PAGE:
Date of Award


Degree Type


Degree Name

Master of Science




Dr. Dean H Betts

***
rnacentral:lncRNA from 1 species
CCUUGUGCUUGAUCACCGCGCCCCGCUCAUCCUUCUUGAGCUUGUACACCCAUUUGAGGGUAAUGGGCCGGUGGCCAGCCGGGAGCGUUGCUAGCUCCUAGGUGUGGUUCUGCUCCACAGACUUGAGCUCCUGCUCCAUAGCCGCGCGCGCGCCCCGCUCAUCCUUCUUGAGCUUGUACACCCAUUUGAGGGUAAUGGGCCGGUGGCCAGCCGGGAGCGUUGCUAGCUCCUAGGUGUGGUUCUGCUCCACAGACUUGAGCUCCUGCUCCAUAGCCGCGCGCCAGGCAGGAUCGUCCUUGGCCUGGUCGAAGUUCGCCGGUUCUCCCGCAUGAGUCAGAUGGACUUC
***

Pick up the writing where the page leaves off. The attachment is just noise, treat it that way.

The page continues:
Induced pluripotent stem (iPS) cells have unparalleled potential for disease modeling and use in regenerative medicine but are plagued with genetic instability and tumourgenicity. Small molecules including histone deactylase inhibitors and DNA methylation inhibitors, as well as use of more undifferentiated cell types as source material, have been used to increase the efficiency and safety of reprogramming by necessitating fewer exogenous pluripotency factors. Human multi-lineage progenitor cells (hMLPCs), derived from post-partum umbilical cord blood, and human dermal fibroblasts (hDFs) were examined for both RNA expression and protein localization of pluripotency factors OCT4, SOX2, KLF4 and Nanog before and after 7-day treatment with s-adenosylhomocysteine (SAH), valproic acid (VPA), and basic fibroblast growth factor (bFGF). Untreated hMLPCs and hDFs expressed pluripotency factor mRNA but only KLF4 in hDFs, and KLF4/SOX2 in hMLPCs were detected at the protein level. SAH-treatment resulted in detection of Nanog protein in hMLPCs, solely in the presence of SOX2, without change in RNA transcript levels, indicating an important post- transcriptional role, which may act via the positive autoregulatory loop of OCT4, NANOG and SOX2 that is crucial for maintaining the undifferentiated state. Due in part to the synergistic autoregulatory relationships between endogenously expressed SOX2 and other pluripotency factors, hMLPCs may be more amenable to reprogramming.



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